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Re: Container semantics (was Re: bNodes wanted)

From: Peter F. Patel-Schneider <pfps@research.bell-labs.com>
Date: Mon, 27 May 2002 18:03:55 -0400
To: sandro@w3.org
Cc: danbri@w3.org, www-rdf-interest@w3.org
Message-Id: <20020527180355K.pfps@research.bell-labs.com>
From: Sandro Hawke <sandro@w3.org>
Subject: Re: Container semantics (was Re: bNodes wanted) 
Date: Mon, 27 May 2002 09:24:20 -0400

> > From: Sandro Hawke <sandro@w3.org>
> > > > Well, RDF has no mechanisms for creating statements in one RDF graph use 
> > a bnode
> > > > from another RDF, so even being able to talk about the container, does no
> > t
> > > > allow one to, for example, add new elements to it.
> > > 
> > > What's the difference between talking about a container (and saying
> > > "by the way, container C happens to contain X") and adding a new
> > > element to it (which in RDF looks something like "container C contains
> > > X (along with possibly other things)")?  Of course there are at least
> > > three different syntactic ways of doing RDF containers (rdf:_1,
> > > rdf:li, daml:first/rest) and the semantics of each seem rather poorly
> > > defined, so it's hard to argue about. 
> > > 
> > >      -- sandro
> > 
> > Well, if a container is a bnode, then you can't do either in RDF, which is
> > the point.
> 
> You mean if the container is identified by a bNodes, I assume.
> Containers are in the domain of discourse; bNodes are not (in the RDF
> Core vocabulary).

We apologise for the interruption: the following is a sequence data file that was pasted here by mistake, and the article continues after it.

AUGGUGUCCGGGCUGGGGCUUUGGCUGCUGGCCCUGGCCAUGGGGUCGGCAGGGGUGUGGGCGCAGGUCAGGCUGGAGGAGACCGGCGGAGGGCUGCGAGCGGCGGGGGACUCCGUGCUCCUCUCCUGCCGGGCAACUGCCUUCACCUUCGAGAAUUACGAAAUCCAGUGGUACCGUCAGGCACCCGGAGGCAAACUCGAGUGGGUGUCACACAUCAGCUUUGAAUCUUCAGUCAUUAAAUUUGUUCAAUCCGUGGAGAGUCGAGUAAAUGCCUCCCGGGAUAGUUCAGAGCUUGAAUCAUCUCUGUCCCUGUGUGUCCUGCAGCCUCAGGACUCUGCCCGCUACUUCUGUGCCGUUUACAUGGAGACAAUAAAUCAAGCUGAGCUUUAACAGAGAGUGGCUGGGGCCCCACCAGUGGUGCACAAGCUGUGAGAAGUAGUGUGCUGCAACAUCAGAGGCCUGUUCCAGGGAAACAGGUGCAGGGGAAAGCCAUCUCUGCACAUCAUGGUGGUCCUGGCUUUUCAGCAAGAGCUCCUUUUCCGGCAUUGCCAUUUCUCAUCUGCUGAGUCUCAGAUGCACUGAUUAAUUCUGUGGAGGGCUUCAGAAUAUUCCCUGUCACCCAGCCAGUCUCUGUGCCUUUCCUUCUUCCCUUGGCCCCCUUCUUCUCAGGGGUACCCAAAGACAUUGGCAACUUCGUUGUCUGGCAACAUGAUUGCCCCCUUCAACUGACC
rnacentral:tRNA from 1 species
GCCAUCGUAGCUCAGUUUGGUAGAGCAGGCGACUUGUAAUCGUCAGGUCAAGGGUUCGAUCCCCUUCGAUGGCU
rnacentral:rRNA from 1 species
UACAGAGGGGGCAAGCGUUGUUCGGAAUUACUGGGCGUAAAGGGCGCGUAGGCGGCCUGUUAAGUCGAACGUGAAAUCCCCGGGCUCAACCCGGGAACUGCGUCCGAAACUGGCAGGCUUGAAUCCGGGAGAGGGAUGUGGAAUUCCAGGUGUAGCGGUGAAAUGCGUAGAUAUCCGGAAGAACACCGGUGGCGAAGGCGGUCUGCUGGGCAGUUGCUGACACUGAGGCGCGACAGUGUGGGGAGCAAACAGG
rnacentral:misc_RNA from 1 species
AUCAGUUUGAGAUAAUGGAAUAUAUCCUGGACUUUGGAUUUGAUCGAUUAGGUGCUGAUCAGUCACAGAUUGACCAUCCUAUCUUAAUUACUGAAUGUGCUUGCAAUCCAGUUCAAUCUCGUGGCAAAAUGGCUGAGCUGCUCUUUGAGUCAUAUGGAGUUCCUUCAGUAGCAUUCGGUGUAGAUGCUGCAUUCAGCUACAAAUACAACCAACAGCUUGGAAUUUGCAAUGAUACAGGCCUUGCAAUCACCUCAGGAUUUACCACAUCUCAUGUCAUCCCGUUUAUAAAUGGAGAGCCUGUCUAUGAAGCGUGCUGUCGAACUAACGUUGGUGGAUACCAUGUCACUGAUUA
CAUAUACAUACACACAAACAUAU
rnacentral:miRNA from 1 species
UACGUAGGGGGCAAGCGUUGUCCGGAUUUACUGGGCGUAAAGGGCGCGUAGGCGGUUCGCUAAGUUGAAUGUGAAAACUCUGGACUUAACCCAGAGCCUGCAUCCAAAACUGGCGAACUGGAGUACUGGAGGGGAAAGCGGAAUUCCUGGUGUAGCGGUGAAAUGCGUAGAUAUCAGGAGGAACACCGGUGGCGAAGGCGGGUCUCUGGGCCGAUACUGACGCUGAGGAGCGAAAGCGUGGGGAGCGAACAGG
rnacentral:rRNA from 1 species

Correct.  

> But a container that is identified by a bNode may well be identified
> by other means as well.  It almost certainly is, in any practical
> example.  Why would you be stating members in a container, unless the
> containers had some connection to things with a known identity?

Sure.

> One might say "William has a set of authored plays, which
> contains one titled 'Hamlet'":
>     people:william author:plays _:x.
>     _:x collections:member _:y.
>     _:y dc:title "Hamlet".
> and the collection (_:x) is identified with a bNode, but that doesn't
> stop someone else from coming along and saying
>     people:william author:plays _:xx.
>     _:xx collections:member _:yy.
>     _:yy dc:title "Romeo & Juliet".

Agreed.

> Now the two collections (the first persons _:x and the second person's
> _:xx) may or may not be the same thing, but I can't imagine why one
> would use this kind of structuring unless author:plays were a unique
> property.  If it is (and the appropriate declarations have been made,
> and the namespaces used above are the same),  then one can infer that
> _:x and _:xx identify the same object, ....  and the first author's
> use of a bNode to identify a collection failed to prevent a second
> author from asserting membership information about the collection.

Well, you can't do this in RDF, which is the point.

Suppose I wanted to create the collection of plays that Shakespeare wrote.
I might proceed as follows:

  <people:Person rdf:ID="Shakespeare">
   <authorCollection>
    <rdf:Bag>
     <rdf:li rdf:resource="plays:Hamlet" />
     <rdf:li rdf:resource="plays:Macbeth" />
     ...
    </rdf:Bag>
   </authorCollection>
  </people:Person>

> Which brings us back to my ealier point: I don't think bNodes are very
> useful for keeping other people from linking to your information (that
> is, from saying things about the same things your saying things
> about).  And that seemed to be your use case against Skolemization.

How can someone add any elements to the above Bag from outside the
document, even the using more-powerful n-triples notation?  I don't see a
way.  The situation would be entirely different if the Bag had an ID,
however.

>      -- sandro

peter
Received on Monday, 27 May 2002 18:04:08 GMT

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